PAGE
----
• Goodwill for Sale

    by  • August 21, 2008 • trademark

    The area of “residual goodwill” seems to be a hot one lately. I posted recently on River West Brands and Chrysler LLC v. Pimpo, two “residual goodwill” situations, and the TTABlog recently posted on a third one involving the LaSalle trademark for automobiles. “Residual goodwill” describes the significance of a trademark when it is no longer in use but consumers nevertheless still recognize the brand. Conflicts arise where a company unrelated to the original trademark owner adopts the mark specifically intending to take advantage of that residual goodwill, but the original trademark owner objects. Some owners become former owners, some remain current owners.

    There is a discontinuity in trademark law that allows this to happen. Whether a trademark has been abandoned is a two-part question: whether there has been discontinuation of use and whether the trademark owner has an intent not to resume use.

    A mark shall be deemed to be “abandoned” if either of the following occurs:
    (1) When its use has been discontinued with intent not to resume such use. Intent not to resume may be inferred from circumstances. Nonuse for 3 consecutive years shall be prima facie evidence of abandonment.

    Section 45 of the Lanham Act, 15 U.S.C. § 1127.

    The existence (or dissipation) of goodwill isn’t part of the statutory test. This is what River West Brands, Pimpo and others rely on; that they can prove abandonment of a trademark while the mark still has some goodwill left. There is case law that helps them (notably the 5th Circuit in Exxon Corp. v. Humble Exploration Co., 695 F.2d 96 (5th Cir. 1983)) and case law that hurts them (Defiance Button Machine Co. v. C & C Metal Prods. Corp., 759 F.2d 1053 (2d Cir. 1985)). Note that Defiance Button actually doesn’t go as far as residual goodwill proponents would have it; that case said that residual goodwill + intent to resume use + resumed use = no abandonment, which is a far cry from residual goodwill = no abandonment.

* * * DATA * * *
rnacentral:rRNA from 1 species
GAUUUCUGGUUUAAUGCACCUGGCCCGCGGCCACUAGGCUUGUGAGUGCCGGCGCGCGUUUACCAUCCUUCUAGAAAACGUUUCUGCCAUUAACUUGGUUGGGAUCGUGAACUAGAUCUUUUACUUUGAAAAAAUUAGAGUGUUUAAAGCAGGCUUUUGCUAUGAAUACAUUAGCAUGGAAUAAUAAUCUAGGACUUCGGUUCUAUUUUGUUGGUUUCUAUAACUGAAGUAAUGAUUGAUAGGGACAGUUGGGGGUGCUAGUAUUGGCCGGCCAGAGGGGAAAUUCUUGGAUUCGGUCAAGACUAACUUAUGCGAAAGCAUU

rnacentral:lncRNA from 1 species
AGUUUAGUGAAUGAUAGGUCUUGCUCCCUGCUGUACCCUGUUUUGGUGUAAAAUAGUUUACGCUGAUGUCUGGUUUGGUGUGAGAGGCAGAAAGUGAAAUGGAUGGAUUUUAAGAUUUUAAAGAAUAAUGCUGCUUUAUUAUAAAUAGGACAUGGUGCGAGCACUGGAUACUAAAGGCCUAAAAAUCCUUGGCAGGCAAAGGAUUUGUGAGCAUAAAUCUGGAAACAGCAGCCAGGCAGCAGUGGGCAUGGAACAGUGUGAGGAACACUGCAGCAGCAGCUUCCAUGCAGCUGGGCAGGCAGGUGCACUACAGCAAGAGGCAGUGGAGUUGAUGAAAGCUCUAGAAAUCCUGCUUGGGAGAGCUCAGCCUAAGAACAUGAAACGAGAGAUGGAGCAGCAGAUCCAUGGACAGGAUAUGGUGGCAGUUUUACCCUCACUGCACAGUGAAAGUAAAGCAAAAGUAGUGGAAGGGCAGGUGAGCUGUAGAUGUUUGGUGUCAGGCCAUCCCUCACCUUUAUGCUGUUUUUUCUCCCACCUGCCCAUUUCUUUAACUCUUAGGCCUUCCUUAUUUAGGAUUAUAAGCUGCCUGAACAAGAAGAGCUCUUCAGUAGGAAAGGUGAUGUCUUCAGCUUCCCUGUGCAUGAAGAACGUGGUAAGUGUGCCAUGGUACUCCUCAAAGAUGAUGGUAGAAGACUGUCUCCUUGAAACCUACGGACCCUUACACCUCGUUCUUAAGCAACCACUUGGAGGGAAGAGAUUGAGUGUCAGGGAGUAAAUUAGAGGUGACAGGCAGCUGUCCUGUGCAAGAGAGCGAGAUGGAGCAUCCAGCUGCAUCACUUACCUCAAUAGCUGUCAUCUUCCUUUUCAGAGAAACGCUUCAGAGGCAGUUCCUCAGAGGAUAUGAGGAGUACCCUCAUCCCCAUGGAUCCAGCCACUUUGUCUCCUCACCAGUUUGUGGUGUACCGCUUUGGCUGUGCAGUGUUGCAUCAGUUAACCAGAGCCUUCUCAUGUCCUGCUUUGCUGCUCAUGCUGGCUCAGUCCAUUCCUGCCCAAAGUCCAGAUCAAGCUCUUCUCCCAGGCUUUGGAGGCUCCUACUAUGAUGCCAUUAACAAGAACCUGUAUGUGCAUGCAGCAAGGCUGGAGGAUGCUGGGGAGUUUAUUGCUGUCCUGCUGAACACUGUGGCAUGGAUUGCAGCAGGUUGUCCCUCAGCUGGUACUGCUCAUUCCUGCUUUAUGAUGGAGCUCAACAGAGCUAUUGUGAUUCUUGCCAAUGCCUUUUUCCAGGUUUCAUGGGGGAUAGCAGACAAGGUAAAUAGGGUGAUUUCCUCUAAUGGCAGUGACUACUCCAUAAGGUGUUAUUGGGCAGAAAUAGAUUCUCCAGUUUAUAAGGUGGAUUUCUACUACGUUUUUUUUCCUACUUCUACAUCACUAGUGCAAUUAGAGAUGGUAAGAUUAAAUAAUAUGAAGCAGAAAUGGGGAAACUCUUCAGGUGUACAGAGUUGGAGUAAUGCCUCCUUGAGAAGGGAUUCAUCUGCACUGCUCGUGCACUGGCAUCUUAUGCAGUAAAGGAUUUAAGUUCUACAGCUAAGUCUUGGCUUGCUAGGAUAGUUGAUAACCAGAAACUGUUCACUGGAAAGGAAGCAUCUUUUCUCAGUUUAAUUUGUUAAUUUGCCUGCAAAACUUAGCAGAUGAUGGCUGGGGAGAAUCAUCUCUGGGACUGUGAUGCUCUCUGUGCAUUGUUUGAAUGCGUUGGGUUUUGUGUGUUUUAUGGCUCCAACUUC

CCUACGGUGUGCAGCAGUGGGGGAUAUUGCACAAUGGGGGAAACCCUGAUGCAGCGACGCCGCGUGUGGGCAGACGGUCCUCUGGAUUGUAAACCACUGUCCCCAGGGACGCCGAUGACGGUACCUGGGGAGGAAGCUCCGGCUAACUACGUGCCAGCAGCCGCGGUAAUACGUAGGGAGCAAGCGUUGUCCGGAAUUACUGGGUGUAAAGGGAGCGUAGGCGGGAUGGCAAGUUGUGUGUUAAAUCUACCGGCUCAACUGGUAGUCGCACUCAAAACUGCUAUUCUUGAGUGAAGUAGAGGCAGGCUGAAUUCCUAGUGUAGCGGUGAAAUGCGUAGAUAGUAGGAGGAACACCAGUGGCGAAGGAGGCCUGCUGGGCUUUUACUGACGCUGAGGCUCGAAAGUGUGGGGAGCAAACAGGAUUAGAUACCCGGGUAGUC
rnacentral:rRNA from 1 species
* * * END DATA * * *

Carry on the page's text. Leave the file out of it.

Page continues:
When cases do consider residual goodwill, they rarely have any analytical rigor tying residual goodwill to the statutory definition of abandonment. Some cases just seem to treat it as a separate factor entirely (like in the Pimpo case and Defiance Button); others talk about it in the general context of the trademark owner’s intent. A generous interpretation of the relevance of residual goodwill to intent would be that a trademark owner is more likely to have an intent to resume use if there is still goodwill left, but the cases don’t generally bother connecting those dots. Compare the more typical Seidelmann Yachts, Inc. v. Pace Yacht Corp., Civ. No. JH-87-3490, 1989 WL 214497, at *11 (D. Md. April 26, 1989) (“Moreover, other courts have considered the existence of goodwill as evidence to negate an intent to abandon”) with the theoretical musings offered by the court in Emergency One, Inc. v. American FireEagle, Ltd., 228 F.3d 531, 537 (4th Cir. 2000) (“Because fire trucks have very long lives (often twenty or thirty years), the mark stays visible, and the good will value of the mark persists long after production of trucks with that mark has ceased. Thus, it might be reasonable for a fire truck manufacturer to spend five or six years considering the reintroduction of a brand, even through the same passage of time would be unreasonable for a maker of a more ephemeral product, say potato chips.”)